New Delhi, July 31: After dragging its feet for months, Pakistan has finally suggested talks with India on resuming civil aviation links between August 27 and 28. India, which had offered negotiations more than a month ago, readily agreed and announced that a technical team from Delhi would travel to Islamabad later next month.
The discussions could lead to resumption of air travel — snapped after the terrorist attack on Parliament in 2001 — between the countries, another in a series of friendly measures, but Pakistan’s attempts to slow down the pace of the peace process have not escaped the Indian establishment.
Pakistani high commissioner Aziz Ahmed Khan was allowed to present his credentials soon after his arrival in Delhi. Indian high commissioner Shiv Shankar Menon reached Islamabad 16 days ago, yet there is no word from the Pakistani foreign office on when he could present his credentials.
India, which took the initiative since Prime Minister Atal Bihari Vajpayee offered his hand of friendship to Pakistan this April, is not willing to engage with Islamabad on these issues. Sources in the foreign ministry feel Pakistan is indulging in one-upmanship.
Pakistan has been arguing that while it is willing to resume air links, it wants an assurance from India that in future it will not snap airline services unilaterally.
Pakistani foreign secretary Riaz Khokar recently said that India has done this time and again and now Islamabad wanted a categorical assurance from Delhi.
A senior Indian official pointed out that though he had seen media reports quoting Pakistani officials’ views on the matter, it has not been raised officially so far by Islamabad with Delhi.
“If Pakistan gives an assurance that they are willing to give up terrorism against us and adhere totally to the letter and spirit of the Simla Agreement, then we might also think of giving them an assurance of not taking a unilateral decision of snapping air links,” he said.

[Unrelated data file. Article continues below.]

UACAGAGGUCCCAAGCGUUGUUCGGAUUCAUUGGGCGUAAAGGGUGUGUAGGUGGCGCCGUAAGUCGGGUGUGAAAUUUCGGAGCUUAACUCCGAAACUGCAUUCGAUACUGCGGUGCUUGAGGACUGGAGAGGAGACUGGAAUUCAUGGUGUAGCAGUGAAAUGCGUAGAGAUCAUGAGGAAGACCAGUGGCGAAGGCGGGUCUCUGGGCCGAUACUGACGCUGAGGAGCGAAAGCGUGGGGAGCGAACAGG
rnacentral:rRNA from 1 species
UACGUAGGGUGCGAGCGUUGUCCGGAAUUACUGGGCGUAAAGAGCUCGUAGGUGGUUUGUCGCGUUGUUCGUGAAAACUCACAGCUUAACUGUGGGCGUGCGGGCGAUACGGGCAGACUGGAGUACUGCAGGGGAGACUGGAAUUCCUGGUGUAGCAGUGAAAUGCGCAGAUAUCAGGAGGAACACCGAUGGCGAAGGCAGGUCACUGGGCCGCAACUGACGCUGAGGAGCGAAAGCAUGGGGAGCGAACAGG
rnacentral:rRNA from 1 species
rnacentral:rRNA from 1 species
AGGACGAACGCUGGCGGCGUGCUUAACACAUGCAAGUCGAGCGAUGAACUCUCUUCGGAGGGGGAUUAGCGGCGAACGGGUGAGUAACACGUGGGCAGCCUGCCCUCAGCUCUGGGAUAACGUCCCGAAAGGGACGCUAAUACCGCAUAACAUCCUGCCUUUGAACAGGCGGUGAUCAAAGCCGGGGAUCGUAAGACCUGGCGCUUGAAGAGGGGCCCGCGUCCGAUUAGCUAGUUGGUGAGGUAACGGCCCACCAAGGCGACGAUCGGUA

Pakistan has been dragging its feet on resumption of civil aviation services as it feels that India — since most of its international flights have to use Pakistani airspace — stands to lose more than Islamabad from the delay.
But as Delhi has made it clear that it is willing to send a technical team to Islamabad as soon as Pakistan finalises the dates for talks, the Pakistani leadership now finds it difficult to drag the issue any further.
Though India’s acceptance of Pakistan’s dates is a clear signal to its commitment to the peace process, Delhi has indicated that the talks for resuming flights between the neighbours should be on a “reciprocal basis”.
Delhi has also stressed that though it is keen to resume air links — which is part of the move to strengthen people-to-people contact between Indians and Pakistanis — the process would not be complete unless it includes overflight rights.
Having tasted success on the appointment of high commissioners and resumption of the Delhi-Lahore bus service, India is now keen that the two countries also make progress on resuming the civil aviation services.
Initially Pakistan had agreed to resume the civil aviation links, but on a point-to-point basis. But India is insistent that the resumption could not be meaningful unless the overflight rights are also part of the package.